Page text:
“I’m 100 percent with you as the dad of two little boys,” said board member Ben Whalen. “But to what point does the town want to fight that to, how much money do you want to invest in fighting this, $100,000? What happens when we do fight this as the little town of Chester?”

“I’ll put our taxpayers dollars on our children’s sides,” said Miles

It was revealed at that point that a special meeting of the Select Board had been called for Thursday Nov. 17 to discuss “board procedure,” and it was suggested that everyone get questions together for Carroll who would be attending that meeting.

Andrew Costello, the lawyer who wrote the model for the ordinance in question, is now practicing in Long Island and did not respond to repeated requests for comment.

More delay in board appointments

Resident Marilyn Mahusky asked what was happening with the appointments of people who expressed an interest in serving on the Development Review Board and Planning Commission, saying that she had expected it would be on the agenda.

Board chair John DeBenedetti said that there were four people interested with one alternate position open on the Planning Commission and that generally the board doesn’t like to make appointments without a full board.

DeBenedetti also said he would like to have a the conflict of interest policy in place before appointments are made. DeBenedetti has suggested that no resident should be able to serve on more than one board or committee, although that has been the case until recently with Tom Bock on the Select Board and Planning Commission and Harry Goodell with the Planning Commission and Development Review Board.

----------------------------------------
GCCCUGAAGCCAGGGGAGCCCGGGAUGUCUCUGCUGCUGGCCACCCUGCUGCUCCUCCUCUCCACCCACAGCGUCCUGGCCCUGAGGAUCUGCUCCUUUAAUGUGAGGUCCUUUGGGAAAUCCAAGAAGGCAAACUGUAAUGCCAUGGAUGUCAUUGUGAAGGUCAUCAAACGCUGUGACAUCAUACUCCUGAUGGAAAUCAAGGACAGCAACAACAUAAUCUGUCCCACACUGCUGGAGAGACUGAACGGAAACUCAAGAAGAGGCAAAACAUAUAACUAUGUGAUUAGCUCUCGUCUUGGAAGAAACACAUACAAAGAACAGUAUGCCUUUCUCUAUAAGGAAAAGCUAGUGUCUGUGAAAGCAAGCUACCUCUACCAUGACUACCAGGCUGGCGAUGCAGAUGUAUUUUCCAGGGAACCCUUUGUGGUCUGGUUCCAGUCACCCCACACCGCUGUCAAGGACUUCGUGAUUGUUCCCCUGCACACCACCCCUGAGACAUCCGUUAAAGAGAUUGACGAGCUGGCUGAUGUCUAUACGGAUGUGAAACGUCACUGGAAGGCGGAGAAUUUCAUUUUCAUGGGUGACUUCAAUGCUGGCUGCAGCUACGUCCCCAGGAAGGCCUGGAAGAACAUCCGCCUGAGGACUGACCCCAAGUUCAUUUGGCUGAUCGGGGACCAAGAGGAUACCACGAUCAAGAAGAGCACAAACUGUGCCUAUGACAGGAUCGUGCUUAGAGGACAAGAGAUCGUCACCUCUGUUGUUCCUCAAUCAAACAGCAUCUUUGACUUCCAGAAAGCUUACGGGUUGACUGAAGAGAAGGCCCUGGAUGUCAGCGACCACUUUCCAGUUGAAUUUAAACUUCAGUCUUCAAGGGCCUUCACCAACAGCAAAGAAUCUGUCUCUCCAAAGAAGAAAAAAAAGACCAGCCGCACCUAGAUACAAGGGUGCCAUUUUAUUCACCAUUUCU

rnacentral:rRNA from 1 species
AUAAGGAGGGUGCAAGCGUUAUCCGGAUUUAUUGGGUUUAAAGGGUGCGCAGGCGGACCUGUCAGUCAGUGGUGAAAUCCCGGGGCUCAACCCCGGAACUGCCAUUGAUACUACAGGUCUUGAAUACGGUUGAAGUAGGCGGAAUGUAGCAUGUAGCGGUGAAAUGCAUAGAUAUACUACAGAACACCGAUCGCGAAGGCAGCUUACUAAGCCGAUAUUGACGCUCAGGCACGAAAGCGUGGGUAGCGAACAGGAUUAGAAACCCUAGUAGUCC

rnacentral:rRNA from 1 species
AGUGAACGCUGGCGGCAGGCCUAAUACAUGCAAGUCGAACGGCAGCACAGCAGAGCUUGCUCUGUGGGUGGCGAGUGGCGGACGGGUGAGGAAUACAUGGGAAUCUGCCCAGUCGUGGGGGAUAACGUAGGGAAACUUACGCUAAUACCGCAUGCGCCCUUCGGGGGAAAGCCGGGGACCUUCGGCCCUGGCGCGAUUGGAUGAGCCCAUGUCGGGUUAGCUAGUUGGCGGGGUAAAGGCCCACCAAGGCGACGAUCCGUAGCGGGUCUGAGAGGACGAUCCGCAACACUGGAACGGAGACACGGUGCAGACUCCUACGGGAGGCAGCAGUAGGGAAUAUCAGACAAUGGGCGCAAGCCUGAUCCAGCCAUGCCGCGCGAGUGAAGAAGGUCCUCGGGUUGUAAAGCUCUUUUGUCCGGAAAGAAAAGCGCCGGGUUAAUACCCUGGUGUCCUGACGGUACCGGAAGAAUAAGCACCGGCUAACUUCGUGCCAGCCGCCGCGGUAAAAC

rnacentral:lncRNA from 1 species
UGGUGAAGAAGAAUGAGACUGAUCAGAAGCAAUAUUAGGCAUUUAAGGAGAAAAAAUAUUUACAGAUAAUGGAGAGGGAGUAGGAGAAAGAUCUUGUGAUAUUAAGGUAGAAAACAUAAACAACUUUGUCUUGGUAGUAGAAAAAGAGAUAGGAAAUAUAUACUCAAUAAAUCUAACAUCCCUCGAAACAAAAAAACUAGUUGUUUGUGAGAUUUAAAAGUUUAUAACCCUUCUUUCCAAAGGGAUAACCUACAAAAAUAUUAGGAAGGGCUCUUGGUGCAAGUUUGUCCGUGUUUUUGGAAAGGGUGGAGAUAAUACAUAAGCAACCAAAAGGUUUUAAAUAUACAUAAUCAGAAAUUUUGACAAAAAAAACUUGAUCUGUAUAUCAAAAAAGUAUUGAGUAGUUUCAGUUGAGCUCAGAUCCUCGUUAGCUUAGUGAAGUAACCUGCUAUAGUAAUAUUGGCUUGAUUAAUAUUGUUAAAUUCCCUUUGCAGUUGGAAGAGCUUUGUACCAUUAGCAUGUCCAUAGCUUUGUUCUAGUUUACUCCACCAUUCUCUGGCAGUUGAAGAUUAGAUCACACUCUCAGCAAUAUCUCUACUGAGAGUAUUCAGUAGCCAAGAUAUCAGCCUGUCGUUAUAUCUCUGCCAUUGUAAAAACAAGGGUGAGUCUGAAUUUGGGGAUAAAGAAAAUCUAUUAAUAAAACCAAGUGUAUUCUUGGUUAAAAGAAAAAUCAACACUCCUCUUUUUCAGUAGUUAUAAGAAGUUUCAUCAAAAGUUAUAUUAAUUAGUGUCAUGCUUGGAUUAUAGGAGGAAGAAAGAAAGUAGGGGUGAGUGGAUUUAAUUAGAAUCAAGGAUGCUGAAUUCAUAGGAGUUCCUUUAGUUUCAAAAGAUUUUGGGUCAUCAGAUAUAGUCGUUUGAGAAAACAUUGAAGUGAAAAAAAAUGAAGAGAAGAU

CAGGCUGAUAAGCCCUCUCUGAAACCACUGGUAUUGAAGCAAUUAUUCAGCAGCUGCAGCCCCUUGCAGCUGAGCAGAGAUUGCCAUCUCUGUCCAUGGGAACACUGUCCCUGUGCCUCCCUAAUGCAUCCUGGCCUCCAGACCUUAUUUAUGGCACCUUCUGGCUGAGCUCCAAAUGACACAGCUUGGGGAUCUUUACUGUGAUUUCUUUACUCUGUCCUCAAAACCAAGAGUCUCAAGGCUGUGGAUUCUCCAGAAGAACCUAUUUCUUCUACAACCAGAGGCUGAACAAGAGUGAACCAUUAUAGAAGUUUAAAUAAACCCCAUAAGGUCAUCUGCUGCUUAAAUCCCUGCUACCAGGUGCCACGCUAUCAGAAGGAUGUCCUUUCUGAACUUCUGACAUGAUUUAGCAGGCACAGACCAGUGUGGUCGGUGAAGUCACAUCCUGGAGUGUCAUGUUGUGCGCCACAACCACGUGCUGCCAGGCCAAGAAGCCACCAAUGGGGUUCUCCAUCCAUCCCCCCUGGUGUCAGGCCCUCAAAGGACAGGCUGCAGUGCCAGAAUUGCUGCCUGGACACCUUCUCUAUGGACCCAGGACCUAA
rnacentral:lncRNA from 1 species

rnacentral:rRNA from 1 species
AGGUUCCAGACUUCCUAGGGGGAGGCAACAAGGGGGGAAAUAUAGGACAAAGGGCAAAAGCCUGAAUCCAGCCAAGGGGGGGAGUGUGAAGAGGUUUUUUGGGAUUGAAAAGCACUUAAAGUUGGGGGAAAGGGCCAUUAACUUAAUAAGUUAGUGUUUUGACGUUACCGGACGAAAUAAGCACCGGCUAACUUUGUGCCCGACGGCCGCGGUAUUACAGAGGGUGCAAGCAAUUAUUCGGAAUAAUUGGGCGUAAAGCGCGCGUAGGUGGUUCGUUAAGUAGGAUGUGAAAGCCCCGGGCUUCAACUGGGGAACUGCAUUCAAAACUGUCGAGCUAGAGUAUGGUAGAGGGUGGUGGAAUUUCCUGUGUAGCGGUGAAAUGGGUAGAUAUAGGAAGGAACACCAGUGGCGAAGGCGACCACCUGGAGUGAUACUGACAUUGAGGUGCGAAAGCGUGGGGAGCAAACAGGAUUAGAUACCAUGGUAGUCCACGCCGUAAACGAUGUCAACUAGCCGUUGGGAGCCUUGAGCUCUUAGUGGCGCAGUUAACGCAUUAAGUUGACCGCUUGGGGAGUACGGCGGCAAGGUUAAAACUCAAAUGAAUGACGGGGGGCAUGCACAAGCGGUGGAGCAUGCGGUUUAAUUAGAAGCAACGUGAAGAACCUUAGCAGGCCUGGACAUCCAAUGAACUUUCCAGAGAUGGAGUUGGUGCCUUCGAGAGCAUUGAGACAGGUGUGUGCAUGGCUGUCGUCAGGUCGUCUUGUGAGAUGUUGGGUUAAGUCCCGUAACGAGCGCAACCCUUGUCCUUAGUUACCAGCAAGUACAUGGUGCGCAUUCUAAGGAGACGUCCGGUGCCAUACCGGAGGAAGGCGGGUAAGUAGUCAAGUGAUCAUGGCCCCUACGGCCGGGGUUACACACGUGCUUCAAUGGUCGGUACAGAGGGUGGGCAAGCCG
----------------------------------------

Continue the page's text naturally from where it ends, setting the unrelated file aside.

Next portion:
Mahusky noted that state statute says that the Planning Commission must be no fewer than three or more than nine members and since the period of the next town plan expands from five years to eight, that more members with more perspectives would be better.

Mahusky pointed to the board’s action in the last meeting of expanding the master plan steering committee from seven to 10 and now to 11.

Rick Paterno listens as he is appointed to serve on the steering committee for the village center master plan

Rick Paterno listens as he is appointed to serve on the steering committee for the village center master plan

She was referring to Rick Paterno’s appointment. Having expressed an interest in serving on the Village Center Master Plan steering committee several months ago when the grant was announced, Paterno, owner of The Free Range restaurant, was appointed as the 11th member of that committee that evening.

In other business